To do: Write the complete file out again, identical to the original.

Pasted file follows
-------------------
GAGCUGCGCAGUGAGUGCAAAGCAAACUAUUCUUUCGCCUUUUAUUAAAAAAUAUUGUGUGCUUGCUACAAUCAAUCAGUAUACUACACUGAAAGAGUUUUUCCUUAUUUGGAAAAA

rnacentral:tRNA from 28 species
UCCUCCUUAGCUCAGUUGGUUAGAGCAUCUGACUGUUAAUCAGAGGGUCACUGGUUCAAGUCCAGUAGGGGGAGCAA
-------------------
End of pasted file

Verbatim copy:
GAGCUGCGCAGUGAGUGCAAAGCAAACUAUUCUUUCGCCUUUUAUUAAAAAAUAUUGUGUGCUUGCUACAAUCAAUCAGUAUACUACACUGAAAGAGUUUUUCCUUAUUUGGAAAAA

rnacentral:tRNA from 28 species
UCCUCCUUAGCUCAGUUGGUUAGAGCAUCUGACUGUUAAUCAGAGGGUCACUGGUUCAAGUCCAGUAGGGGGAGCAA